Just like any object (participant in our study) has a value for each measured variable, all objects have a score for each principal component. Similarly, the contribution of each measured variable to the latent variable is expressed as the variable’s loading. Bivariate scatter plots of the first two score or loading vectors give the best two-dimensional presentation of the major correlation structures in the data, and reveal similarities and differences among the objects and variables in a data matrix. This soft modeling approach can be regarded as a hypothesis generator, since it visualizes relationships in the data that may otherwise go unnoticed. Latent variables can also be used to confirm or verify preconceived assumptions and hypotheses, since it is possible to carry out statistical tests on the latent variables. In the present work, the emphasis has been on data exploration, and less on quantification and hypothesis testing.
For the creation of regression models, other latent variable techniques are preferred. Rather than focusing on the variance in the predictors (the independent variables), PLS creates latent variables focusing on the covariance between the predictors and one or several response variables (the dependent variables). Because of the orthogonalization inherent in PLS, this regression technique does not suffer from the problem of collinear data that, e.g., multiple linear regression does.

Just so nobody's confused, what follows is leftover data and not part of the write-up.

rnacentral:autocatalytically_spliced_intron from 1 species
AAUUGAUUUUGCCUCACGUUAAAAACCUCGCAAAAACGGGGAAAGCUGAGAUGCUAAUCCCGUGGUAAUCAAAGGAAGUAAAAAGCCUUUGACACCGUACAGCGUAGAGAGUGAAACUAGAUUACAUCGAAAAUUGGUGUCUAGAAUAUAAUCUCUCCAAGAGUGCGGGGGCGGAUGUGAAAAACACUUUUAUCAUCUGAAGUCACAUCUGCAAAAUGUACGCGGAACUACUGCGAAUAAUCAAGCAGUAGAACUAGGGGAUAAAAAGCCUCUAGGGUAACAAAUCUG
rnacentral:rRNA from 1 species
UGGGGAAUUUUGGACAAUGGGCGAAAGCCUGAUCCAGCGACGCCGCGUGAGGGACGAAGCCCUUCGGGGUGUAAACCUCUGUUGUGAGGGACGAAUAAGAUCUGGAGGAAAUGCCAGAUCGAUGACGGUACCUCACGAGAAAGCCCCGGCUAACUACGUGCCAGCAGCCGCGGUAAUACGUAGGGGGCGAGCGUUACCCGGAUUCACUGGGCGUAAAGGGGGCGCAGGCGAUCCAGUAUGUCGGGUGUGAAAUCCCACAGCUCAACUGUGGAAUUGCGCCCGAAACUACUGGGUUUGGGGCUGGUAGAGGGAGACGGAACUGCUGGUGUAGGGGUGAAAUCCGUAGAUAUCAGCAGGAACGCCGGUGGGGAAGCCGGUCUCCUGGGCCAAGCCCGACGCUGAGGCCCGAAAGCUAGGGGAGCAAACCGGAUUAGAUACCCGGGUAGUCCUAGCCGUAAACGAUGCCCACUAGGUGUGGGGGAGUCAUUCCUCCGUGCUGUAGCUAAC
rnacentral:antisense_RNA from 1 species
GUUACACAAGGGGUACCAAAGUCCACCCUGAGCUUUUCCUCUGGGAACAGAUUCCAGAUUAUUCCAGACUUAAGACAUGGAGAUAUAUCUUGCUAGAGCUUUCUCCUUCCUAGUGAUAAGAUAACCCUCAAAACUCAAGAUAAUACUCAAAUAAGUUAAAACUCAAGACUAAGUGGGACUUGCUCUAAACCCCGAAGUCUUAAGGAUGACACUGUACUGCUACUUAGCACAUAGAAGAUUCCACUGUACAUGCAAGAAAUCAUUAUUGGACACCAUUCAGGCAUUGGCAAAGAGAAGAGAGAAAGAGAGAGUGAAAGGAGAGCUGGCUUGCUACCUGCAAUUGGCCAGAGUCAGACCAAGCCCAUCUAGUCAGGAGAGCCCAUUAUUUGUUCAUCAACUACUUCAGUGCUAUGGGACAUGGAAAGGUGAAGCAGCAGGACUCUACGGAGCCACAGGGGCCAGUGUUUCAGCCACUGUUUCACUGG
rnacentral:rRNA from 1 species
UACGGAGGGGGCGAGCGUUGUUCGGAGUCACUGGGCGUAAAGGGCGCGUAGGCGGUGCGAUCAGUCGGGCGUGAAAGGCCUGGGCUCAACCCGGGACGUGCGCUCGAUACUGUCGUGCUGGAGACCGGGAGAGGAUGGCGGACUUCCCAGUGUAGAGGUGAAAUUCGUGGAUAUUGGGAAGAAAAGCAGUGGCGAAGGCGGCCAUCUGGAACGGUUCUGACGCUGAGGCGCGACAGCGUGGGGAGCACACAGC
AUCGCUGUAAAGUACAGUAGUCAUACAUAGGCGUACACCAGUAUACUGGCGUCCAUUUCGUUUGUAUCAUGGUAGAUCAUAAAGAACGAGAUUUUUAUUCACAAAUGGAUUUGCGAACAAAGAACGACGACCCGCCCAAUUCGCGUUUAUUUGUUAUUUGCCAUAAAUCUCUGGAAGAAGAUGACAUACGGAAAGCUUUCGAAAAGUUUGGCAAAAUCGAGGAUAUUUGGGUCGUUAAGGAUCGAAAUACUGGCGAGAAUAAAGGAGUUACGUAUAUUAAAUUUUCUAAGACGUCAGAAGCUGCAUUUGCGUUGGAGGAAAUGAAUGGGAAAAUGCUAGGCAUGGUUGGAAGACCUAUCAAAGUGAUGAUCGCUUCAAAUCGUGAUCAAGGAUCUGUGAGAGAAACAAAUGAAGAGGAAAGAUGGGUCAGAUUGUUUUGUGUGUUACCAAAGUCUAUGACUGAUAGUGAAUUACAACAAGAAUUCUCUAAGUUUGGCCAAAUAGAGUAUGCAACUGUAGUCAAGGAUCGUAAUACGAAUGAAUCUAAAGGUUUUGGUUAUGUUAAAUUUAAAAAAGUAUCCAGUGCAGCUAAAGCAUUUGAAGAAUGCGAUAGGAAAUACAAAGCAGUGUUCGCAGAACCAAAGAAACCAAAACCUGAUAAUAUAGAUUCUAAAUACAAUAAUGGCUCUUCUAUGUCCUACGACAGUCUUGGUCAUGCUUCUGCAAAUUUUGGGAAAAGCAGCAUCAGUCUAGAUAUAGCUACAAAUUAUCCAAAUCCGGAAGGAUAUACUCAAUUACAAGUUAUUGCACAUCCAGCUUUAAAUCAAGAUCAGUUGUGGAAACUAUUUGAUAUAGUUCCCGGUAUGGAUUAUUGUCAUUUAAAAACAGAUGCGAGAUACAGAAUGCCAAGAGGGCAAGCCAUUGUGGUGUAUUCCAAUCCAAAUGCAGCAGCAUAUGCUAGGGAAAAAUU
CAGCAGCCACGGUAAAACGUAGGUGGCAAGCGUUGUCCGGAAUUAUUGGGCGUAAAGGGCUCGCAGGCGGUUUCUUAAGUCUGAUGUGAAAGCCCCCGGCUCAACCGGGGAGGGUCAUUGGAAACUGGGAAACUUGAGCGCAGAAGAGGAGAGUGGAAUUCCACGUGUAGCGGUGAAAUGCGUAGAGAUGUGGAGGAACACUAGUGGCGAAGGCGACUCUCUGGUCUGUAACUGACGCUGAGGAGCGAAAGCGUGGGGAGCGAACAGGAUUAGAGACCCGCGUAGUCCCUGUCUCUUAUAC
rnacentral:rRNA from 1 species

The multivariate analyses were carried out using Sirius 9.0 from Pattern Recognition Systems AS, Bergen, Norway (www.prs.no).
Table 1 displays summary statistics for the HR and HRV data at pre- and post-test. For the executive functioning tasks (EF tasks) the average HRV and HR values for all cognitive tasks (Iowa Gambling Task, Tower of Hanoi, and N-back tasks; 0–3 back) are reported.
TABLE 1. Mean values (M) and SD for the heart rate (HR), the root mean square of successive differences (RMSSD), low frequency power (LF), high frequency power (HF), and the LF/HF ratio for both groups during pre- and post-test.
Plots of data are often useful conveyors of information. The data matrix from the pre-test period contains 40 measurements for each of the 49 participants. A graphical display of the information content in such a large data matrix may seem difficult to obtain. One alternative is to plot each variable separately (thus creating 40 plots), or to produce all possible combinations of bivariate plots of one variable against another. This creates 780 plots, which of course is impossible to carry out. Through PCA a two-dimensional projection capturing most of the variation in the data can be obtained, resulting in a bivariate plot to be used for interpretation. For this particular data set, a two component (two latent variables) PCA model captures nearly 70% of the variance in the data. A bivariate plot of these two latent variables is shown in Figure 1, and it is referred to as a score plot. Since the axes in Figure 1 are latent variables, information from all 40 measured variables is used to create this plot showing information on all 49 participants. This multivariate nature of the axes makes the plot an excellent tool for detecting relationships among the individual participants. In Figure 1, members of the fish group are plotted in blue, while red has been used for the control group. This information has only been used to color code the plots, and is not included in the data material.
FIGURE 1. Score plot of the first two principal components of the pre-test data. Blue color is used for the fish group, and red for the control group.